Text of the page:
Friday, April 11, 1986

Two excellent exhibitions

Chelmsford Then and Now 
The World of Fred Spalding

The face of Chelmsford is changing faster than most.
Salutary, then, to take stock of two excellent exhibitions that chart some of the developments of the last hundred years.
At the Museum, until May 11, “Chelmsford Then and Now”, paintings by members of the Chelmsford Art Society, inspired by Bennett Bamford’s watercolours of a century ago.
Some locations are still recognizable – the Stone Bridge, caught nicely by Phil Kyffin, Springfield Wharf, atmospherically captured by Bob Vasey, whose Mildmay Almshouses [just down the road from the Museum in Oaklands Park] featured a prominent yellow van instead of Bamford’s distant pony trap.
New Street has altered more than most – who now remembers Eli Bacon’s store where the police station now stands ? - and Charlie Tait’s recent study is already out of date, the Snip’s weather-boards replaced by the new Crown Court. There was a lively collage of the Wheatsheaf, which happily still survives.
Although there was some beautiful work inspired by the obviously picturesque, I suspect that a hundred years hence the transient town centre will be of more interest, like Ann Snow’s view of soul-less Tindal Street, with ghostly motorbikes in the foreground.

In the Cathedral until April 30, an equally intriguing glimpse into the world of Fred Spalding, alderman and photographer extraordinaire, whose studio can be seen in his 1860 study of Tindal Square. Hylands House stands “smart and self-confident” in the Edwardian sunshine, a charabanc leaves the Griffin in 1906, Marconi meets the Mayor in 1912, and the Cathedral interior looks very Victorian in 1905.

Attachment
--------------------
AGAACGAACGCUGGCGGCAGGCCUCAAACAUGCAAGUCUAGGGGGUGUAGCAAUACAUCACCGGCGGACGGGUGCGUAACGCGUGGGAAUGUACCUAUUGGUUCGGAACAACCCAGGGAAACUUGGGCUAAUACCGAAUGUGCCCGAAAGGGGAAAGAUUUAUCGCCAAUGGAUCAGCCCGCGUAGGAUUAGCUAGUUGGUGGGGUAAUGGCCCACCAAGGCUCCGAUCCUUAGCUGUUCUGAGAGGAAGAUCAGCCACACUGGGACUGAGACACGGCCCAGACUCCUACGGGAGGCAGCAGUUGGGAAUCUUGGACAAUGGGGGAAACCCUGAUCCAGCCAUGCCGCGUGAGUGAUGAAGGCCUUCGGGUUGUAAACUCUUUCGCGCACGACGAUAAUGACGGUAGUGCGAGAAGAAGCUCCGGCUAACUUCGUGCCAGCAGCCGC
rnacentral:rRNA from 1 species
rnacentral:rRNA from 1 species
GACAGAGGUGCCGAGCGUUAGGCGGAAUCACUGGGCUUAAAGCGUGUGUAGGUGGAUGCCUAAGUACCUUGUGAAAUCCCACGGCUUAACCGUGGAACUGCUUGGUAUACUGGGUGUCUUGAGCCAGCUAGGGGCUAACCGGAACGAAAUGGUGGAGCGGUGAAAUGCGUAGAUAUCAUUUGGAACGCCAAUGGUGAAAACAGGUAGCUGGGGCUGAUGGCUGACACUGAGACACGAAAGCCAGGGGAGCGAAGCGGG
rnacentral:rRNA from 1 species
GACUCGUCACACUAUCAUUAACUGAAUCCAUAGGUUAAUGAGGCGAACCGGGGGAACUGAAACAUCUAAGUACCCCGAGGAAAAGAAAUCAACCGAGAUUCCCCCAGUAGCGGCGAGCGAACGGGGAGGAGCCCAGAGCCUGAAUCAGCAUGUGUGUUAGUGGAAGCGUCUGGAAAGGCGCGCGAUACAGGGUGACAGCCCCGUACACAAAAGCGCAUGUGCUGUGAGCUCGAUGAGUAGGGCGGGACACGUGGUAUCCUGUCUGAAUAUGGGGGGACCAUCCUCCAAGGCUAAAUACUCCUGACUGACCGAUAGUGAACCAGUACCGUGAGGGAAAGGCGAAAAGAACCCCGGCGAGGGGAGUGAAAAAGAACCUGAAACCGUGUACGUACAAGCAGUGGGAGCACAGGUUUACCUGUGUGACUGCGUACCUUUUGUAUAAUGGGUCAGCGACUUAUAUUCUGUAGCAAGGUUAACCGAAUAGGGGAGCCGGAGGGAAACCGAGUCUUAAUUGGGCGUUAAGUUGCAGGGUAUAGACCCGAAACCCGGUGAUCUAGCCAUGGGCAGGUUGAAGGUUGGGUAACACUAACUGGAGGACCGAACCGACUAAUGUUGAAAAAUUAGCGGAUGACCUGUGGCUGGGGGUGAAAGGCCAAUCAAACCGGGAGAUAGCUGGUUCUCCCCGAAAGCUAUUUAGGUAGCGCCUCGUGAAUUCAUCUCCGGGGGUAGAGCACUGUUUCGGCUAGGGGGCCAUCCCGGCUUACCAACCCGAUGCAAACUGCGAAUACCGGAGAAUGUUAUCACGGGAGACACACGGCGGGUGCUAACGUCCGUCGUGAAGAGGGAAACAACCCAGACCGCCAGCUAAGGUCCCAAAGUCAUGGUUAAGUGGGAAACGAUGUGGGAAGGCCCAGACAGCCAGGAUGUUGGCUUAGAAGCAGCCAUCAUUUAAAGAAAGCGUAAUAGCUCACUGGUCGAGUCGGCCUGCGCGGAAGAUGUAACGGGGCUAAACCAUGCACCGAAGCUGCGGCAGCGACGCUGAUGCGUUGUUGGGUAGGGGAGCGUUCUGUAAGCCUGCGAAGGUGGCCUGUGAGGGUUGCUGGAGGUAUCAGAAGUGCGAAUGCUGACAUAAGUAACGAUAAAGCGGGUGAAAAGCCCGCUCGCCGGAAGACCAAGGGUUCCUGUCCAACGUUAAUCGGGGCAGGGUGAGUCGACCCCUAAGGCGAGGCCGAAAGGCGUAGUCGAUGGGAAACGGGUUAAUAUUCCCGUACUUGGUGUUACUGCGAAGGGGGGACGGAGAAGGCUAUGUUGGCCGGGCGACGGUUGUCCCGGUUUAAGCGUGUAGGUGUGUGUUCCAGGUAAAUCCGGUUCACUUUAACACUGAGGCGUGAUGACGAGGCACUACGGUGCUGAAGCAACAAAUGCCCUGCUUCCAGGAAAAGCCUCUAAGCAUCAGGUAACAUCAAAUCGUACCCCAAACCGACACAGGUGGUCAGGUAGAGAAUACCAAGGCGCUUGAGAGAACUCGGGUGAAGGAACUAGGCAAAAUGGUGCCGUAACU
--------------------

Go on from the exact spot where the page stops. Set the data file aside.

Both these exhibitions are free. Do try to see them; you cannot fail to be fascinated.

Friday, April 04, 1986

Agreeable evening down at the Mill

The Vanbrugh Quartet – The Mill at Roxwell

A uniquely agreeable evening at the Mill in Roxwell last week: the Vanbrugh Quartet playing to raise funds for the new Essex Chamber Orchestra.
Jim and Pat Smith have a lovely house, with the new “barn” attached – in fact a tiny concert hall, with a good acoustic and a view of the garden. It is a rare pleasure to hear chamber music in such an ideal setting.
Violinist Gregory Ellis – who played the Brahms concerto with the ESO last month – met Elizabeth Charleson [violin] and Simon Aspell [viola] when they were all studying at the Royal Academy. Cellist Christopher Marwood joined them last November.
They have just secured a two-year contract with RTE [the equivalent of the BBC in Eire], before they go off to Canada for an international competition. The tape they submitted to qualify included the three works that made up the substantial but well-balanced programme we heard at the Mill.
Mozart’s Quartet in C [K465], with its beautiful Andante Cantabile and exhilrating Allegro Molto finale, is often dubbed the Dissonance Quartet, since its opening sounded harsh to eighteenth-century ears. What would they have made of the Prokofiev which followed ? Rhythmically exciting, including references to many Russian Jewish themes.
To conclude, the Vanbrughs gave us a fresh, enthusiastic account of one of the peaks of the repertoire – Beethoven’s B flat Quartet opus 130.